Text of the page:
Photoshop has been around for a long time and remains one of the premier photo-editing programs.
This is due to its “easy to learn, difficult to master”
Despite being easy to learn, the layout of Photoshop can
still be a bit overwhelming for beginners, as they won’t know where to start.
This especially true for individuals who have never used a
photo-editing program of any kind.
If that’s you, then you’re in luck.
We have assembled 5 of the easiest Photoshops tutorials for
While these tutorials won’t make you a Photoshop master,
they will set you firmly on that road.
How We Chose Our Ratings
Since Photoshop tutorials aren’t products with prices and
reviews, we had to take a different approach when ranking the easiest Photoshops tutorials for beginners.
This should go without saying, but we looked at the ease of
the tutorials. We then balanced accessibility with usefulness. For instance, some tutorials might be incredibly easy, but totally useless. Others could be useful, but difficult.
After that, we considered the practicality of the tutorials.
As a beginner, there’s probably some basic things you’re trying to do. Some of the deepercuts of Photoshop probably wouldn’t interest the average user.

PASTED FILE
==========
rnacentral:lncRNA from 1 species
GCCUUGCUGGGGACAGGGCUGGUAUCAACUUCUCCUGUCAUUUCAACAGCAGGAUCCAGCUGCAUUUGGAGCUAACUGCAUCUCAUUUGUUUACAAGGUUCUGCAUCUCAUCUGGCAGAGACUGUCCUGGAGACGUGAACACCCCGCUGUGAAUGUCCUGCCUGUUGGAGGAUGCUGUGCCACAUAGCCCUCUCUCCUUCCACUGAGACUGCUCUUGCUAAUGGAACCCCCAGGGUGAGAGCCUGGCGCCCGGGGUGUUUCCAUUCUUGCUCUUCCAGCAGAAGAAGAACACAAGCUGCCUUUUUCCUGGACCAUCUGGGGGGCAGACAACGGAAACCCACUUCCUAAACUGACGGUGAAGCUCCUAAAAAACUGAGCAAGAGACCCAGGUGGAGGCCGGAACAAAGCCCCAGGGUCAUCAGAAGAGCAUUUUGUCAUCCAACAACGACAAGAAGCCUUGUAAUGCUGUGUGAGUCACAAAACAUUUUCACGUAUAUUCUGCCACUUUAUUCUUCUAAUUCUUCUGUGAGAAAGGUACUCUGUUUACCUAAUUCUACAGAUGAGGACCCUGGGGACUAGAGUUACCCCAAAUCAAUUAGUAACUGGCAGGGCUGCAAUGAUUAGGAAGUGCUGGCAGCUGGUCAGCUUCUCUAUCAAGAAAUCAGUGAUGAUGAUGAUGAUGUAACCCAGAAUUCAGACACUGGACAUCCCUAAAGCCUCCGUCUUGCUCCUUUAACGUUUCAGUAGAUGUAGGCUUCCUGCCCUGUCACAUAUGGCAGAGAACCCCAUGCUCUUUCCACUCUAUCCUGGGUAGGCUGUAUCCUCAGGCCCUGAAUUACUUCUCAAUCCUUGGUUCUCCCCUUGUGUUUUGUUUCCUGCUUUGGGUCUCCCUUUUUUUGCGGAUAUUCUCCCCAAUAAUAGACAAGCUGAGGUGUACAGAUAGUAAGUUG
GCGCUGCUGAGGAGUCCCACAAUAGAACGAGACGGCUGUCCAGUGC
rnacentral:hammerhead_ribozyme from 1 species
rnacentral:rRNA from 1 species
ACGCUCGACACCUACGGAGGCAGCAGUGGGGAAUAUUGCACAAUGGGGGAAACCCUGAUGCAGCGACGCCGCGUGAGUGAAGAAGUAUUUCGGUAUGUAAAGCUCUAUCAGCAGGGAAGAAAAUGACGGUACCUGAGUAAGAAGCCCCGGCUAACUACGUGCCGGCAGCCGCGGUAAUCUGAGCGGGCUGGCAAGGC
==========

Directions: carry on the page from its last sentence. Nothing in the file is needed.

It was also important that the tutorials could stand alone.
Even if a tutorial was both simple and useful, it might be predicated on another aspect of Photoshop that would require a second tutorial. All of the tutorials listed don’t require any prior knowledge of the software.
We also tried to keep the steps to a minimum. Even though
they might be easy to follow, an omnibus of steps is a commitment that few are willing to make, and understandably so.
5 Easy Photoshop Tutorials For
Once we layered all of our considerations upon one another, we were able to create the clearest, fullest picture of which the best photoshop tutorials for beginners.
These tutorials are ordered from best to worst, although “worst” is the wrong word for this unique occasion. All of these tutorials are extremely helpful and easily accessible, but some are slightly more so than others. And now for the moment you’ve all been waiting for: the 5 best photoshop tutorials for beginners.
1. Changing The Size Of An Image
At some point, you’ll probably want to change the size of an image. This could be for a social media portrait, a headshot or printing purposes. Or maybe you just want that picture of you holding up the Leaning Tower of Pisa to fit your desktop background.
First, you need to click on the “Image” tab, located at the top of the window. In the drop-down menu, click “Image Size.” From here, you can manipulate the width and height of your image. The default metric is pixels, but you have the option to measure the image in inches or centimeters. You also notice a small icon that looks like a chain.
Clicking this will detach the width and height from another,
meaning you can resize your image regardless of its original dimensions.
However, you probably won’t want to do this, as it will distort the picture.
When the height and width are “chained” together by the
icon, altering one will affect the other, in an effort to retain your image’s
Once you’ve resized your picture to your liking, all you have to do is click “OK.”
2. Learning About Layers
When you think of layers, you probably think of cake, or maybe you think of narrative subtext. Once you start using Photoshop, all you’ll be able to think about is images.